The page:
In the 1990s when we graduated from college, the conventional wisdom was that, we have to emigrate to the US. No questions to be asked. The usual arguments given were how India was corrupt, how life is much better in the US and how Ayn Rand says that being selfish is virtuous.

The only argument I had was to agree with the conclusions, so much so that we need to extend this argument and advocate to the entire 1.2 billion people of India to emigrate to the US! Because after all, it is a better country and selfishness is a virtue.

Unless we are endowed with a capability to reason about systems as a whole, it is not possible to create sound strategic models for managing such individual dilemma that have systemic impact -- it will just be an ideological battle of what is a virtue and what is moral. Never what is sustainable.

The so-called "conservative ideology" in India is basically trying to re-establish the hermeneutics of dharma, where systems and sustainability form the core elements of reasoning. The "conservative" dharmic ideology is basically about sustainable liberalism.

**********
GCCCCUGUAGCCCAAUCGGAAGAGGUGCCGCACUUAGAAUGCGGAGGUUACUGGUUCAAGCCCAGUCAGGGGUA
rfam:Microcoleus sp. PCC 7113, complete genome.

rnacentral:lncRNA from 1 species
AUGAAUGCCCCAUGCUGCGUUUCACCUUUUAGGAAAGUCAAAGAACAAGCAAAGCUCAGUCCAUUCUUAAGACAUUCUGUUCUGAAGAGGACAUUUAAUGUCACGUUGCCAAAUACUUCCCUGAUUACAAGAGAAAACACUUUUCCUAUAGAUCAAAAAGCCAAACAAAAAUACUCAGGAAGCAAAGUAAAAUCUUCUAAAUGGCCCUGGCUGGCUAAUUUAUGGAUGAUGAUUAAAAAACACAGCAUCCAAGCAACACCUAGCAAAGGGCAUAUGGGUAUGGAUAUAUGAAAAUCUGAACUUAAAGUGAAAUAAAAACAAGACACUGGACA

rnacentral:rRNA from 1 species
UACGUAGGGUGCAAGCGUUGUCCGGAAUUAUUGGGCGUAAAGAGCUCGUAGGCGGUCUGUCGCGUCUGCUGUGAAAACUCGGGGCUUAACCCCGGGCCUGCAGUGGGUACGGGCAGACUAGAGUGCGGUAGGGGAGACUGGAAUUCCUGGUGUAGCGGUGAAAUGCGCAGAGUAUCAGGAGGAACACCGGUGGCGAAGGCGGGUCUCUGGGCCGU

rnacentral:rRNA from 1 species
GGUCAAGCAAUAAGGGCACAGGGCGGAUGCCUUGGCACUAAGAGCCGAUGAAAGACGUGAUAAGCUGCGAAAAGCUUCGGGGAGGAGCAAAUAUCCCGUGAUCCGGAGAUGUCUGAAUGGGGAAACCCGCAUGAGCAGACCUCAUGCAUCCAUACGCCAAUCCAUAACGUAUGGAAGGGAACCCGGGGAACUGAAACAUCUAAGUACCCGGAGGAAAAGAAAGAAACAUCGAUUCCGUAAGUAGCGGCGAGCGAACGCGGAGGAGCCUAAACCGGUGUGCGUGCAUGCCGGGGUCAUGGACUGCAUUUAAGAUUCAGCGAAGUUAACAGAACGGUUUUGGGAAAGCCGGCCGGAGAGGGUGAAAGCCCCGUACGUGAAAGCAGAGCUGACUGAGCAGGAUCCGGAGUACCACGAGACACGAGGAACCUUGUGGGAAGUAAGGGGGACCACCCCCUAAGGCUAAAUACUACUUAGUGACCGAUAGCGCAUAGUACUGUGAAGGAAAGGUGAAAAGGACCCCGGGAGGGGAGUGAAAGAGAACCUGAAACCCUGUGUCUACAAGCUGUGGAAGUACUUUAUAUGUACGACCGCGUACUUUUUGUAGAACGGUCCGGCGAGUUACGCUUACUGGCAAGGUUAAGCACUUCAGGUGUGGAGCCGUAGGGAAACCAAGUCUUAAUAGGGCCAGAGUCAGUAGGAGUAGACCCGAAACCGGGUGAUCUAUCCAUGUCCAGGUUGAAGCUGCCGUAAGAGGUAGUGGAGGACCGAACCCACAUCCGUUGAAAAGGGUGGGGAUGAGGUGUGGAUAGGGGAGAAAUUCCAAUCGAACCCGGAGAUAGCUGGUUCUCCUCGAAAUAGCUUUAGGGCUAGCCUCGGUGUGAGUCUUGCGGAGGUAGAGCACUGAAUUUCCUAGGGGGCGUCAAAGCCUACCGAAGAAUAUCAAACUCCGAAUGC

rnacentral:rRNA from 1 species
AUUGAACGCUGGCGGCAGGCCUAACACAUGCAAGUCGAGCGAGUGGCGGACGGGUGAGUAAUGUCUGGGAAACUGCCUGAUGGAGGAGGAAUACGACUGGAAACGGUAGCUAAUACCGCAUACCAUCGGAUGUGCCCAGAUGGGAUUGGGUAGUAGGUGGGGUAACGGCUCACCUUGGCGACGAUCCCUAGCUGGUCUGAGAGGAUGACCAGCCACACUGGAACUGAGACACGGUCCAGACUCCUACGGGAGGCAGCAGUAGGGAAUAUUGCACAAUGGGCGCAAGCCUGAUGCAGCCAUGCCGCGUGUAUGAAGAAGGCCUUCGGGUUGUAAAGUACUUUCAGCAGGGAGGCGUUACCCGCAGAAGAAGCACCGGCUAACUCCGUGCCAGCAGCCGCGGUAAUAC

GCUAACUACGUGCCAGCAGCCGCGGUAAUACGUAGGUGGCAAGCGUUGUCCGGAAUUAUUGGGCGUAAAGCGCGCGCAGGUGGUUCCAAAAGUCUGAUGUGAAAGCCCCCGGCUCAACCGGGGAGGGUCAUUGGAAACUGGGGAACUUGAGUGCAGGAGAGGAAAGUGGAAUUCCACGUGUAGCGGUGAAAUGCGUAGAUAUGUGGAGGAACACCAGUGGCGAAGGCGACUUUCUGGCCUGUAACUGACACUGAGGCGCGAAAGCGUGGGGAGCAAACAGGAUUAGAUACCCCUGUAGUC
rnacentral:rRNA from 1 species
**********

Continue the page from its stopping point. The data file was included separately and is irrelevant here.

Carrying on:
The usual argument we hear is that our society has evolved away from this ideology for a reason.

Well no, firstly, sustainability is not an ideology -- it is a natural basis for a theoretical framework whose theories are open to debate and argumentation. And secondly, the society has not evolved away from dharmic hermeneutics. This way of thinking was upended due to external aggression, and it has survived (sustained?) centuries of aggression. Indian society has not changed from within -- change has been imposed upon it.

03 March, 2017

Theory of Being -- IV: Prana and Entropy

This is the fourth in the series called Theory of Being. A clearer understanding of this post is possible when the reader has read through the earlier posts in this series.

To summarize the main elements, we started by noting that the universe as we know it can be broadly divided into two realms -- the energy realm and the information realm. Everything in the physical universe can be reduced to energy, and everything in the conceptual realm is fundamentally built from information.

We also started to develop a new theory of the universe, inspired by the dharmic worldview. Here, the building block of the universe is an entity called "Being". A being is a template that can host energy and information. The "state" of being is the information content in being. Beings tend to settle down into "stable" or "sustainable" states, which is called its dharma. These are states that correspond to robust optimality given its operational neighbourhood (called its Vidhi).

Beings can compose with one another to form bigger beings, with the entire universe itself forming the ultimate Being.